UNHCR is calling on both northern and southern forces to respect civilians and humanitarian workers and to refrain from further conflict that would trigger more displacement.

You May Like

Multimedia Anti-Keystone XL Protests Continue

Demonstrators are worried about pipeline's effect on climate change, their traditional way of life, health and safety More

Thailand's Political Power Struggle Continues

Court gave Prime Minister Yingluck Shinawatra until May 2 to prepare her defense over abuse of power charges but uncertainty remains over election timing More

Malaysia Plane Search Tests Limits of Ocean Mapping Technology

Expert tells VOA existing equipment’s maximum operating depth is around 6 kilometers as operation continues on ocean bed for any trace of MH370 More

This forum has been closed.
Comments
     
There are no comments in this forum. Be first and add one

Featured Videos

Your JavaScript is turned off or you have an old version of Adobe's Flash Player. Get the latest Flash player.
Pet Kangaroo Helps Spread Environmental Messagei
X
Penelope Poulou
April 22, 2014 5:53 PM
Children’s author Julia Heckathorn travels the world to learn about different ecosystems and endangered animals. She pours her knowledge into children’s books, hoping the next generation will right the environmental wrongs of our times. As in many children's books, the main character in Heckathorn's stories is an animal. Unlike those other characters, though, this one is real - a kangaroo, that lives in the author’s backyard. VOA’s Penelope Poulou has more.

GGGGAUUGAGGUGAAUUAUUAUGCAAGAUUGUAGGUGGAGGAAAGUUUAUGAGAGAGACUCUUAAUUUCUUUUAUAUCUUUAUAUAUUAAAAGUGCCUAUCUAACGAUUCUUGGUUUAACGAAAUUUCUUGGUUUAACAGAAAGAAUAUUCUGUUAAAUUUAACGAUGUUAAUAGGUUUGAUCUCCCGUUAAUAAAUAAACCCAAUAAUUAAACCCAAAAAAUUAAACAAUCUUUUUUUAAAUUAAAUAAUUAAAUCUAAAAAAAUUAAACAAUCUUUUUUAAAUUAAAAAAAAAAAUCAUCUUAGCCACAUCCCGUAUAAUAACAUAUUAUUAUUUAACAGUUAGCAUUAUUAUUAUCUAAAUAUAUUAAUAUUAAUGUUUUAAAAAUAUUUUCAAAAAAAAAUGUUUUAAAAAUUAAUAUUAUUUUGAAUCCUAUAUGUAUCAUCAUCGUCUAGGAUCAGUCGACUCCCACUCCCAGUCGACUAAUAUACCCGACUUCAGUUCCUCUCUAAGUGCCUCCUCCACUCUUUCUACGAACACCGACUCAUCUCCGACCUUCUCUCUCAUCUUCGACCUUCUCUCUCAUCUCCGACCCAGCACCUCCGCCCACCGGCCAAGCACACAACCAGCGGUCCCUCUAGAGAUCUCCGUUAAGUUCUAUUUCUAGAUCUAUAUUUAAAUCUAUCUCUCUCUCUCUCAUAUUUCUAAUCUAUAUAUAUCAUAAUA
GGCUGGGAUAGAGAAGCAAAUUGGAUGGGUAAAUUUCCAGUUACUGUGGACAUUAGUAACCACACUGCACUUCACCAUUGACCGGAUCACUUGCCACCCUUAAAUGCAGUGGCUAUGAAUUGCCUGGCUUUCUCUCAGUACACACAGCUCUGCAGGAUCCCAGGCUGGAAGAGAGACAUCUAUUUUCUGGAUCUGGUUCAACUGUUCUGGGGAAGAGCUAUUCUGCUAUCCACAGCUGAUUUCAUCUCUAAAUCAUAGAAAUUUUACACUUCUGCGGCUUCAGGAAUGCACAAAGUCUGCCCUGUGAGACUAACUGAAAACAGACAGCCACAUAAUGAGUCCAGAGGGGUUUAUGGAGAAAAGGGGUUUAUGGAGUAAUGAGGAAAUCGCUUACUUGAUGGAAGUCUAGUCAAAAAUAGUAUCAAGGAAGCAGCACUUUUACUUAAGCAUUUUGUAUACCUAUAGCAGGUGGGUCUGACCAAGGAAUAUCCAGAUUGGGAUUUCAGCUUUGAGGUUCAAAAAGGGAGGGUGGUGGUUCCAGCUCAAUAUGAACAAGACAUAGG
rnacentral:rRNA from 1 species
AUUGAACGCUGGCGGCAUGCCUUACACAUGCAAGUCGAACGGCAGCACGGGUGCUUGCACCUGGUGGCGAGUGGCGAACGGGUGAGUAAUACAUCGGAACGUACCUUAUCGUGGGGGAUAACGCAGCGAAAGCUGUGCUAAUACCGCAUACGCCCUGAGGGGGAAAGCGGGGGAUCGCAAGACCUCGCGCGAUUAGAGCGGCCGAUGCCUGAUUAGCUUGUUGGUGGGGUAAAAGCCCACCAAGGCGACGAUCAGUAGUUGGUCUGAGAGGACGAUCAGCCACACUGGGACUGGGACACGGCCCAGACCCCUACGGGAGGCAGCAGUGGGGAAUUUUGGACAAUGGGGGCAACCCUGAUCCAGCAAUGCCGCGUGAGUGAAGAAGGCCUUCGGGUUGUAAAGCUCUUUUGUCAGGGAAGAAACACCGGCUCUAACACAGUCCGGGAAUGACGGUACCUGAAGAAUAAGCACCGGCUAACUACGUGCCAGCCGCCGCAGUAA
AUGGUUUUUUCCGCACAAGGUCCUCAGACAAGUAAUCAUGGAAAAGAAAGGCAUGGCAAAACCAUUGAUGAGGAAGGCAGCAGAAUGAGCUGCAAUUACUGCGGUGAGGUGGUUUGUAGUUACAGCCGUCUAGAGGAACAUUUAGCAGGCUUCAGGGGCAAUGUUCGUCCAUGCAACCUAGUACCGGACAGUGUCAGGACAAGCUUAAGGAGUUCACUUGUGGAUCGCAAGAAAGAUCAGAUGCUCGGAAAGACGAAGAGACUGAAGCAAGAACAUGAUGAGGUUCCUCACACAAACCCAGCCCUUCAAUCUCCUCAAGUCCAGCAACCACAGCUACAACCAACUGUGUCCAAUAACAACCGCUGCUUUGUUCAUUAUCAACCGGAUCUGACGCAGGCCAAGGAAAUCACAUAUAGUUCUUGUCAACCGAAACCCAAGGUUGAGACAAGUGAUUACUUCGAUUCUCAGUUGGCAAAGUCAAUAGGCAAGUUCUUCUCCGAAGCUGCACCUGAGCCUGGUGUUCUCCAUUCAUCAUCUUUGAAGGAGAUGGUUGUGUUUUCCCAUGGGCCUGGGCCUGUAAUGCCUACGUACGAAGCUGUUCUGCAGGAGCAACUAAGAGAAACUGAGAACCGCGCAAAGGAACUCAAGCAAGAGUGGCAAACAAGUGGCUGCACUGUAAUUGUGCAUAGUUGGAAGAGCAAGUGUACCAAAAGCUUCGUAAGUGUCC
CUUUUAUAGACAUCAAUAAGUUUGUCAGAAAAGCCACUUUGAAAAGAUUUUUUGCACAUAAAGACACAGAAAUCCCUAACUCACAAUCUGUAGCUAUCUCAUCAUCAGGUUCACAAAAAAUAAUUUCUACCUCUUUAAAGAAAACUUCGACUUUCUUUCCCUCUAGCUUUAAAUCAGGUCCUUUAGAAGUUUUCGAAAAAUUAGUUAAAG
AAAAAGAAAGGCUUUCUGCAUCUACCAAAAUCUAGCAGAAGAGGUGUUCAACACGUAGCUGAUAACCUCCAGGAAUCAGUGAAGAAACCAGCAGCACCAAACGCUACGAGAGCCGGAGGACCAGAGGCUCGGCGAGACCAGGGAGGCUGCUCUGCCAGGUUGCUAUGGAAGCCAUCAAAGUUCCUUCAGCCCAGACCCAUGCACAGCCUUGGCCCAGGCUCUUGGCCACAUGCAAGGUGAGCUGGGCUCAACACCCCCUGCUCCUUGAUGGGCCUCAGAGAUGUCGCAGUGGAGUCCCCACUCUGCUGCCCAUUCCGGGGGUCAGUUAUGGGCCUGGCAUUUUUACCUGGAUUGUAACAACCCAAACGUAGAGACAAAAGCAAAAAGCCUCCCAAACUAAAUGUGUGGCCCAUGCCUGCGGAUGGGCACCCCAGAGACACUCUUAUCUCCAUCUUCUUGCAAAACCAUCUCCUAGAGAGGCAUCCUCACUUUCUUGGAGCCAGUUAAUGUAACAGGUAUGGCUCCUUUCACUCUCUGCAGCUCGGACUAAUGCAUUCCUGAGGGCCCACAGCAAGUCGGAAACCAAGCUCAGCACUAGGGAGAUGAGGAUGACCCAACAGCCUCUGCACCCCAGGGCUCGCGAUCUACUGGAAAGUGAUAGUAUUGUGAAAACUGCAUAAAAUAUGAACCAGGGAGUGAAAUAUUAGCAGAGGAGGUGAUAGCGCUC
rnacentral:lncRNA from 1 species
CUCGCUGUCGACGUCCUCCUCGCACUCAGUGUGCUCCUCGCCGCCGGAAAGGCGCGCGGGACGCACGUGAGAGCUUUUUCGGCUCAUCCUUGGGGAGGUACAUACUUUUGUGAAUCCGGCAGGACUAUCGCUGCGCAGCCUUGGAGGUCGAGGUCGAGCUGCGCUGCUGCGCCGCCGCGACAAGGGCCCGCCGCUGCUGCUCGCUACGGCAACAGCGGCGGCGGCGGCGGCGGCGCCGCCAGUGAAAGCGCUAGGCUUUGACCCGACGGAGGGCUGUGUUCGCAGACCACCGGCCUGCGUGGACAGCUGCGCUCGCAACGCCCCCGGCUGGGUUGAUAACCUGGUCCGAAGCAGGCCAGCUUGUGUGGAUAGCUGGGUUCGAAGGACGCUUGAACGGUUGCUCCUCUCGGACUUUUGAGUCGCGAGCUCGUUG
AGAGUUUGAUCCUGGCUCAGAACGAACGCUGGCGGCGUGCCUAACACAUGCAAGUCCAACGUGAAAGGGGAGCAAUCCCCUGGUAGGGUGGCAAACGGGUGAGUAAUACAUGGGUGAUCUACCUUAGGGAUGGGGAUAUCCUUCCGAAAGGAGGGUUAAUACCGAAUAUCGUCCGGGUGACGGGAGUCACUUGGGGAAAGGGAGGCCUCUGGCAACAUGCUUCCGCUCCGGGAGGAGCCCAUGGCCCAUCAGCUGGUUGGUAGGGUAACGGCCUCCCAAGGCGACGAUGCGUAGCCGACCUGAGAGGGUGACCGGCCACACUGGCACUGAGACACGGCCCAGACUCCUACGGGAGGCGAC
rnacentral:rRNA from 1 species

Video

Video Pet Kangaroo Helps Spread Environmental Message

Children’s author Julia Heckathorn travels the world to learn about different ecosystems and endangered animals. She pours her knowledge into children’s books, hoping the next generation will right the environmental wrongs of our times. As in many children's books, the main character in Heckathorn's stories is an animal. Unlike those other characters, though, this one is real - a kangaroo, that lives in the author’s backyard. VOA’s Penelope Poulou has more.
Video

Video Pro-Russian Separatists Plan 'Federalization Referendum' in Eastern Ukraine

Pro-Russian separatists in eastern Ukraine say they plan to move forward next month with a referendum vote for greater autonomy, despite the Geneva agreement reached with Russia, the U.S. and Ukraine to end the political conflict. VOA's Brian Padden reports from the city of Donetsk in Eastern Ukraine.
Video

Video Pope Francis Hopes Dual Canonizations Will Reconcile Church